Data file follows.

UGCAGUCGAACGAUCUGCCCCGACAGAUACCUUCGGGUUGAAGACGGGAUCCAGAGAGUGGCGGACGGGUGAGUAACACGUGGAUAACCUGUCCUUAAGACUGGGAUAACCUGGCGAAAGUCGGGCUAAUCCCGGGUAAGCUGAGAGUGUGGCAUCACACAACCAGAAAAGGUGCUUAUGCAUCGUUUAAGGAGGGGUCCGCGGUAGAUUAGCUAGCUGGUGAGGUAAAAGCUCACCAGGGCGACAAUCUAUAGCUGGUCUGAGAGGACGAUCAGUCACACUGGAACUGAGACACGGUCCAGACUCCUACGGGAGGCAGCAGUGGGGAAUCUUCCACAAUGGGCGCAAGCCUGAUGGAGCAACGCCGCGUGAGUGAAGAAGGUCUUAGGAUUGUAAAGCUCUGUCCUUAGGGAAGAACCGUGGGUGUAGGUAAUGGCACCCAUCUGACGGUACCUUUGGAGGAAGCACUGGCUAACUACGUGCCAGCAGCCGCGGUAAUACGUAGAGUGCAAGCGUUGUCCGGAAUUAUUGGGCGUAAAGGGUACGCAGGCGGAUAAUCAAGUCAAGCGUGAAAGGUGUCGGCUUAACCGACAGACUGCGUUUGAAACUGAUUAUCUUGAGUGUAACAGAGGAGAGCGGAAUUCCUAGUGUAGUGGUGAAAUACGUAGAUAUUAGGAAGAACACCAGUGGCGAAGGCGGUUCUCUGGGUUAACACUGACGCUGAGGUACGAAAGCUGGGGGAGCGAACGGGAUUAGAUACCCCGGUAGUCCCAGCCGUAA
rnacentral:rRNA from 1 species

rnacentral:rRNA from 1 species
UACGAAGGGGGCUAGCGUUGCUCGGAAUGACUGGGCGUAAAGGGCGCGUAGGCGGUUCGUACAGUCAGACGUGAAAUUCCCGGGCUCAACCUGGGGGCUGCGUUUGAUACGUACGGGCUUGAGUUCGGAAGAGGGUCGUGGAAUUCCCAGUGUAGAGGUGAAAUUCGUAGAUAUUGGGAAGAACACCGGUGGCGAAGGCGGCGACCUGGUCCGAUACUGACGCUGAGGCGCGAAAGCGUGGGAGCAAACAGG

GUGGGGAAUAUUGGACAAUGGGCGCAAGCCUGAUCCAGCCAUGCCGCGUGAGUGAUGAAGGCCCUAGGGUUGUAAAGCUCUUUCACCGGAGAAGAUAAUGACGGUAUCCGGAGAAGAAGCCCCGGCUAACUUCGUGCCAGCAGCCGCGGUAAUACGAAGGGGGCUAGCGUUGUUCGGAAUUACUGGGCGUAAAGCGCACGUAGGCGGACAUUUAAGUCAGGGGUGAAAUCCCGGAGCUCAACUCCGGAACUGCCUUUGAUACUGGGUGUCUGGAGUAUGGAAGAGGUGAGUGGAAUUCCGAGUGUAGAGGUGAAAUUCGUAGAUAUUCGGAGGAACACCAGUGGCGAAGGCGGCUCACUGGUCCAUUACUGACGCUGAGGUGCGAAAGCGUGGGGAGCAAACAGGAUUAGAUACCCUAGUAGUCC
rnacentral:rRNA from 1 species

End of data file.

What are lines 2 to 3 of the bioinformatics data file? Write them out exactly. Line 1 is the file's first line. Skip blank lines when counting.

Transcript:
rnacentral:rRNA from 1 species

rnacentral:rRNA from 1 species